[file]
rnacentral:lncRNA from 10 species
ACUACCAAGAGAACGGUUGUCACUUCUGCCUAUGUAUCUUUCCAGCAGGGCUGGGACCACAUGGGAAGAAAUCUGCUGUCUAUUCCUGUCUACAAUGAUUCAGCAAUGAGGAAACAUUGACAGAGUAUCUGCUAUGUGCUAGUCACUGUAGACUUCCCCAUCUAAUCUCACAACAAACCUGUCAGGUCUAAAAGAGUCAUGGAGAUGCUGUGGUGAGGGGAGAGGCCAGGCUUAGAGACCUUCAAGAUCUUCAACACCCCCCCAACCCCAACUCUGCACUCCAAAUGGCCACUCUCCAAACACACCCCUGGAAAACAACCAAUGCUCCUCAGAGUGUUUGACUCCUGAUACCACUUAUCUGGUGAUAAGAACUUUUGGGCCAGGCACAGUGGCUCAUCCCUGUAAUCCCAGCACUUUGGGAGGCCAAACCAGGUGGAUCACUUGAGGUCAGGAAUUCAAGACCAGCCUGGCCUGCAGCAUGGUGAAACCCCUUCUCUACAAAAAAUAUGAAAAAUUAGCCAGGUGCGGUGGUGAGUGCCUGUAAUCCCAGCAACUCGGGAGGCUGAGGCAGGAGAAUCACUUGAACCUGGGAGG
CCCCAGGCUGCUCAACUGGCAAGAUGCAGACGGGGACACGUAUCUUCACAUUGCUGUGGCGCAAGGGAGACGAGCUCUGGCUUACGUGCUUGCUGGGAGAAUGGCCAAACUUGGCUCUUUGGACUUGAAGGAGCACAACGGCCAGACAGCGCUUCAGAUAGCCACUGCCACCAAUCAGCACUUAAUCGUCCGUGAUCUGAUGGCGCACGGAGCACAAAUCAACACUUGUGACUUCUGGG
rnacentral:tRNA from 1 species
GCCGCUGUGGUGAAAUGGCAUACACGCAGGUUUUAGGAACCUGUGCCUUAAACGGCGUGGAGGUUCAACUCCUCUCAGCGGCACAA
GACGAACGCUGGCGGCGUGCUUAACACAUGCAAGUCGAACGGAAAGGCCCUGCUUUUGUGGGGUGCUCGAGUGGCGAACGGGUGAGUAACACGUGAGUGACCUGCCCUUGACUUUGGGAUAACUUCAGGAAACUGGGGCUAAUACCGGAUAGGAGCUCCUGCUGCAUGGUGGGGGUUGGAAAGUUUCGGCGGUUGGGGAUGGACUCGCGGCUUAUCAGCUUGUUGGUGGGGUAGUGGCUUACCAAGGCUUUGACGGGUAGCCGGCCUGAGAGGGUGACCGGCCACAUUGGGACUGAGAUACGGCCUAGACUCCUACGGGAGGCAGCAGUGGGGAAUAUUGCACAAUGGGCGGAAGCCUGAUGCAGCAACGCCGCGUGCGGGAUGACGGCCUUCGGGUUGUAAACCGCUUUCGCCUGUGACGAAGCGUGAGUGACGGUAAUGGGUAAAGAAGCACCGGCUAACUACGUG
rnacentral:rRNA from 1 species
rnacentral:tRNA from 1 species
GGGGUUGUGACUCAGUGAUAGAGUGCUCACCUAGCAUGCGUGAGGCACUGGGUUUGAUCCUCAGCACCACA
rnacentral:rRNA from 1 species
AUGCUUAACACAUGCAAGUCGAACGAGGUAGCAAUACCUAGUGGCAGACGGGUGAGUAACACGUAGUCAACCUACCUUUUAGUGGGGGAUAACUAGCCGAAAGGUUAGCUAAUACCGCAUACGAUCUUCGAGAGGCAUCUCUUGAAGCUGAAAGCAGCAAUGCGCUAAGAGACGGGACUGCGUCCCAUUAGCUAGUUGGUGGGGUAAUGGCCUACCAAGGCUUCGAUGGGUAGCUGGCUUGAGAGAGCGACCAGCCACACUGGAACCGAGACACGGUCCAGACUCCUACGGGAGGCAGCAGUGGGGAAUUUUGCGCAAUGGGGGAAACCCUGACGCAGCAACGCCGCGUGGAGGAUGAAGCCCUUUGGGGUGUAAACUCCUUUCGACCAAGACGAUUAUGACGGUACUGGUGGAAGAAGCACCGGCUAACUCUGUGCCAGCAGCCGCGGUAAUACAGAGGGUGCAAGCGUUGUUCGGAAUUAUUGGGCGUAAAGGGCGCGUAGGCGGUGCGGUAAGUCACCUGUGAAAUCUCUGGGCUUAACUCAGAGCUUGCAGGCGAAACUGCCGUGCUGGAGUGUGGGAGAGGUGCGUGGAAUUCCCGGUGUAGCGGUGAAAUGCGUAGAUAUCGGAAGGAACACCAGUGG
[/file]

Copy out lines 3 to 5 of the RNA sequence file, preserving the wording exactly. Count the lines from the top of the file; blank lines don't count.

CCCCAGGCUGCUCAACUGGCAAGAUGCAGACGGGGACACGUAUCUUCACAUUGCUGUGGCGCAAGGGAGACGAGCUCUGGCUUACGUGCUUGCUGGGAGAAUGGCCAAACUUGGCUCUUUGGACUUGAAGGAGCACAACGGCCAGACAGCGCUUCAGAUAGCCACUGCCACCAAUCAGCACUUAAUCGUCCGUGAUCUGAUGGCGCACGGAGCACAAAUCAACACUUGUGACUUCUGGG
rnacentral:tRNA from 1 species
GCCGCUGUGGUGAAAUGGCAUACACGCAGGUUUUAGGAACCUGUGCCUUAAACGGCGUGGAGGUUCAACUCCUCUCAGCGGCACAA